Like I said, we weren’t even close to being finished with #SynthwaveSunday today. We’ve got a special afternoon treat with a look at the Opus Science Collective. I’ve actually never come across a more diverse collection of music, and as you all know, I cover a LOT of music. Whether you’re into chiptune, video game music, synthwave, synthpop, etc. Opus Science Collective has you covered. Don’t believe me? Let’s explore some of their releases:
Feeling nostalgic for a trip through loops while collecting golden rings? Zoned is a Sonic the Hedgehog lover’s dream come true…and to be honest, it’s a lot of fun even for casual fans. I was always a Mario over Sonic guy but I still found this to be an immersive and fun trip back to better days.
Who doesn’t want a car that’s a Transformer? Right? Well, since that isn’t going to be happening anytime soon Opus Science Collective has a great four track EP of brilliant synthwave to at least give you a good soundtrack driving your Toyota Tercel.
Like your video games but find the soundtracks lack a certain level of FUNK? OSC has you covered with this collection of four EPs that act as score for imagined games (that I now totally want to play! Somebody make this happen!).
Want to know what’s so great?!? I’ve barely scratched the surface here. There are remix albums containing re-imagined versions of Sega Genesis/Master System game scores (Super Nintendo too), more singles than I can shake a stick at, and remixes galore. The Opus Science Collective Bandcamp page truly is a treasure trove of goodness just waiting to be discovered. Head over there now and download some tunes to listen to while you read the interview! Click HERE to check them out! You can buy the while collection for less than 10 US dollars, which is insane. Speaking of insane, the new OSC EP, Girls on Bikes, hits August 25th and do you know how much it’s going to cost? Nothing! Keep your eyes peeled on this space for a reminder of when it hits!
Welcome, and thanks for taking the time to talk with us. For starters, can you tell us exactly what the Opus Science Collective is?
Today, the Opus Science Collective is really, OSC – a retrowave artist who draws influence from synthwave, synthpop, funk, old school hiphop, 80s pop, electronica and chiptune. However, OSC my artist brand is quite far removed from my original intentions some five years ago or so.
I’m friends with (and work with) a number of talented musicians from a variety of musical backgrounds, and the “collective” started out as a means of musically collaborating with various different friends and colleagues through the medium of retro-inspired electronic music (with me, as a creative director and producer of each project). With myself overseeing production, there would be a consistent brand sound to the “Collective”, but with all the collaborations, it would shape up to be a broad and interesting spectrum of music under one name.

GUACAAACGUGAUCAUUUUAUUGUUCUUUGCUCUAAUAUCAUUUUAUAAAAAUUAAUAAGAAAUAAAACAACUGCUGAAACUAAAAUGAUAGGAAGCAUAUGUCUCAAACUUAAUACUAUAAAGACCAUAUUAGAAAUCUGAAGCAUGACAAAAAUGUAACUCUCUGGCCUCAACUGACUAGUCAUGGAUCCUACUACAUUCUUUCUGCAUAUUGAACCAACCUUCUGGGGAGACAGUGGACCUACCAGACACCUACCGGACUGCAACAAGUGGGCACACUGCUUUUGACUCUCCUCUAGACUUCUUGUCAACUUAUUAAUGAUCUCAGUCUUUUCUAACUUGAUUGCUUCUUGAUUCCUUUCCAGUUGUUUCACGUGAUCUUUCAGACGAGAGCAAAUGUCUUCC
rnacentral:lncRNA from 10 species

Whilst the ambition and intentions were positive, in reality this was a somewhat over-idealistic and optimistic idea that proved too hard to execute.
Over time, several projects faltered and proved difficult to get going due the real-life commitments of those involved (families, jobs, geographical logistics and so on). I’d already set up and established the OSC brand online, on the back of some of my own, early work inspired by bands like Kraftwerk and Yellow Magic Orchestra, so I decided to keep going with the name, but essentially operate as a solo artist who happens to sound like a band, by name.
I felt the full name with the inclusion of the “Collective” adds a little spice to things. I sometimes still use the royal “we” when posting on social media. It can cause confusion when people meet me or interview me. I guess it adds a little intrigue and mystique around the OSC brand, which is ok. To try and reduce confusion, I use the full name a lot less these days and typically refer to myself as OSC.
As “OSC” itself, OSC is primarily the abbreviation for an oscillator, which is the name of the component on a synthesiser circuit that is the source of it’s sound. I.e. without an oscillator, you couldn’t have synthesised sound (well, there other methods of synthesis, but oscillator based synthesis is the cornerstone of modern electronic music). I wanted to operate under the abbreviation OSC for that reason, but wanted the O, S and C to stand for different things. I wanted something odd/unusual that would show up easily in google searches and I knew I wanted “Collective” for the C as per my original plan, mentioned above. “Opus” and “Science” just sort of made sense at the time…